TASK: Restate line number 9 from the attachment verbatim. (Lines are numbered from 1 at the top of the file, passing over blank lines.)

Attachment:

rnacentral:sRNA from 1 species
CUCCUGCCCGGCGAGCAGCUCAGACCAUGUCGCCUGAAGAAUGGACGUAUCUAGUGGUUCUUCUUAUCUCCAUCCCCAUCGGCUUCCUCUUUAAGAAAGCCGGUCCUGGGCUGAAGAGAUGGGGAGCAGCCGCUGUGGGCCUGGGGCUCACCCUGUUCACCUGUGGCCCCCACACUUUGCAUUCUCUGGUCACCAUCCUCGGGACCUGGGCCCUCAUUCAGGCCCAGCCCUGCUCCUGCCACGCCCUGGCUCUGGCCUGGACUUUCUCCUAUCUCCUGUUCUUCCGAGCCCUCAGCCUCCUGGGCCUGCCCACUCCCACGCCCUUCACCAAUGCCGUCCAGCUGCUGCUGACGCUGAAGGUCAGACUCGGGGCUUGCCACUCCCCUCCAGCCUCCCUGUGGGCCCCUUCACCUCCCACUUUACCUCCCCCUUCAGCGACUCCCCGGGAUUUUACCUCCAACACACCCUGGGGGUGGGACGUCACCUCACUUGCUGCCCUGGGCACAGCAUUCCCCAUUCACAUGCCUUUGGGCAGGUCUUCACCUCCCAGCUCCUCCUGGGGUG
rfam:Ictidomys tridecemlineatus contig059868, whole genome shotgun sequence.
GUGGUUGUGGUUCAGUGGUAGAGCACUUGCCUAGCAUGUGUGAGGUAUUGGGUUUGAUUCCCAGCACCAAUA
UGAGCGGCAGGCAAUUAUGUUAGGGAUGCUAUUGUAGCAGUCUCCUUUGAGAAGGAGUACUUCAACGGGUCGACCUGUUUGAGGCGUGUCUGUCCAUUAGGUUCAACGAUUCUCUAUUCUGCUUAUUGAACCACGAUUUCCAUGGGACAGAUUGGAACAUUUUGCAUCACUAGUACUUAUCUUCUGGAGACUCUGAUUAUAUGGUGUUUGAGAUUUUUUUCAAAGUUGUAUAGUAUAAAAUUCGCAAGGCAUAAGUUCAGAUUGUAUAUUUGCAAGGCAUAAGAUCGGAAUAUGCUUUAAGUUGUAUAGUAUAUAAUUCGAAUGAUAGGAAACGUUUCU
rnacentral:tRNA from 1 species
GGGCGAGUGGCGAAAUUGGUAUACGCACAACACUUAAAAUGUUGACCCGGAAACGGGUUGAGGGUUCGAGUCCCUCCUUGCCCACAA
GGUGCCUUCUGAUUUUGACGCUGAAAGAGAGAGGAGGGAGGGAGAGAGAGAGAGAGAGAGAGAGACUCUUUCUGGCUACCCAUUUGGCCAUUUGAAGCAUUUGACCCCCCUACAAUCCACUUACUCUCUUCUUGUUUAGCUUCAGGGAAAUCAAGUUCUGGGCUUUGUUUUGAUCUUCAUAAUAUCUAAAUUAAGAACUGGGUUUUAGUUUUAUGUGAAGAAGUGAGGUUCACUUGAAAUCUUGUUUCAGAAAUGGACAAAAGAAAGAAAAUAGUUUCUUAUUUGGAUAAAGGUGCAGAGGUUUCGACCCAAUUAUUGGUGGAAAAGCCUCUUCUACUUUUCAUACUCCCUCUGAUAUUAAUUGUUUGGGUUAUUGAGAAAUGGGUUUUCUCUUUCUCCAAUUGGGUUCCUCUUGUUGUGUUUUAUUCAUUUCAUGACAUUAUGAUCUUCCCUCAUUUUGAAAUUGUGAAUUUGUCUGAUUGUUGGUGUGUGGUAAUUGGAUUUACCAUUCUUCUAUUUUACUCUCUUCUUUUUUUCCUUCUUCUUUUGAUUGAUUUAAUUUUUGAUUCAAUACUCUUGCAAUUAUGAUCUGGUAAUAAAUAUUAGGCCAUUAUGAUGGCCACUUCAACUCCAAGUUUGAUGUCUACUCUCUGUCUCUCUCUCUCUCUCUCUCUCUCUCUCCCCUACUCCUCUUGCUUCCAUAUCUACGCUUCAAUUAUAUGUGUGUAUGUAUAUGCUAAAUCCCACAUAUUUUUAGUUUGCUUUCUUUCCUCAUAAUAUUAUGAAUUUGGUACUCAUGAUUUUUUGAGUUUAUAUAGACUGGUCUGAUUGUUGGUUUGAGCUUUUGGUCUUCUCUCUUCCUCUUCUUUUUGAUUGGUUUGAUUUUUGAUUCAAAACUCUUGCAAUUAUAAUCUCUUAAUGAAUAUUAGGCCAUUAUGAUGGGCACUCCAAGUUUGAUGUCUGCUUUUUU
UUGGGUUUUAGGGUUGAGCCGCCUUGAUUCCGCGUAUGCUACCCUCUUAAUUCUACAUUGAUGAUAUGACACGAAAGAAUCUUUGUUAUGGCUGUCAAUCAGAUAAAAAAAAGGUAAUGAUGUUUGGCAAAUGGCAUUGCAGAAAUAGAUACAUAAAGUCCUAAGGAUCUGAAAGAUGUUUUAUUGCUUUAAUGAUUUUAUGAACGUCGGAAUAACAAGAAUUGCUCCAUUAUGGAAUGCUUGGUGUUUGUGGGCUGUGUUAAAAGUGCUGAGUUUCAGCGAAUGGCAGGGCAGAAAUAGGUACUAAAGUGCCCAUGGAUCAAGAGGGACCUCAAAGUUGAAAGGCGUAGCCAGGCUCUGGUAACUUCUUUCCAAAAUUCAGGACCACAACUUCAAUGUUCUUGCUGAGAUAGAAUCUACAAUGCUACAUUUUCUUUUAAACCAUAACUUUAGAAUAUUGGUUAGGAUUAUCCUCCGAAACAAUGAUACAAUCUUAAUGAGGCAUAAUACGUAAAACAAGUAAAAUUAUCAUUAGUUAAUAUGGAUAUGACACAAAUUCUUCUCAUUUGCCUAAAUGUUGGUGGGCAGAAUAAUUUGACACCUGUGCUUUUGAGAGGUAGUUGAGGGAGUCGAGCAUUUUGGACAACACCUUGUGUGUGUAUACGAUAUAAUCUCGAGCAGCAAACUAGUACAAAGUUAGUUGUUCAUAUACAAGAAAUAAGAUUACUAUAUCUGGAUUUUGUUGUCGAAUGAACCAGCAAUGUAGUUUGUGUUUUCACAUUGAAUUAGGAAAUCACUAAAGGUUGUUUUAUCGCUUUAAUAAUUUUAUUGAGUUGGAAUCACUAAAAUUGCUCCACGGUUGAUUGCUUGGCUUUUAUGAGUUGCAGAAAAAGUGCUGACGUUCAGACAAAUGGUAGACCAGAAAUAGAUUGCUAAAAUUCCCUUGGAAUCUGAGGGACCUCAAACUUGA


UUGGGUUUUAGGGUUGAGCCGCCUUGAUUCCGCGUAUGCUACCCUCUUAAUUCUACAUUGAUGAUAUGACACGAAAGAAUCUUUGUUAUGGCUGUCAAUCAGAUAAAAAAAAGGUAAUGAUGUUUGGCAAAUGGCAUUGCAGAAAUAGAUACAUAAAGUCCUAAGGAUCUGAAAGAUGUUUUAUUGCUUUAAUGAUUUUAUGAACGUCGGAAUAACAAGAAUUGCUCCAUUAUGGAAUGCUUGGUGUUUGUGGGCUGUGUUAAAAGUGCUGAGUUUCAGCGAAUGGCAGGGCAGAAAUAGGUACUAAAGUGCCCAUGGAUCAAGAGGGACCUCAAAGUUGAAAGGCGUAGCCAGGCUCUGGUAACUUCUUUCCAAAAUUCAGGACCACAACUUCAAUGUUCUUGCUGAGAUAGAAUCUACAAUGCUACAUUUUCUUUUAAACCAUAACUUUAGAAUAUUGGUUAGGAUUAUCCUCCGAAACAAUGAUACAAUCUUAAUGAGGCAUAAUACGUAAAACAAGUAAAAUUAUCAUUAGUUAAUAUGGAUAUGACACAAAUUCUUCUCAUUUGCCUAAAUGUUGGUGGGCAGAAUAAUUUGACACCUGUGCUUUUGAGAGGUAGUUGAGGGAGUCGAGCAUUUUGGACAACACCUUGUGUGUGUAUACGAUAUAAUCUCGAGCAGCAAACUAGUACAAAGUUAGUUGUUCAUAUACAAGAAAUAAGAUUACUAUAUCUGGAUUUUGUUGUCGAAUGAACCAGCAAUGUAGUUUGUGUUUUCACAUUGAAUUAGGAAAUCACUAAAGGUUGUUUUAUCGCUUUAAUAAUUUUAUUGAGUUGGAAUCACUAAAAUUGCUCCACGGUUGAUUGCUUGGCUUUUAUGAGUUGCAGAAAAAGUGCUGACGUUCAGACAAAUGGUAGACCAGAAAUAGAUUGCUAAAAUUCCCUUGGAAUCUGAGGGACCUCAAACUUGA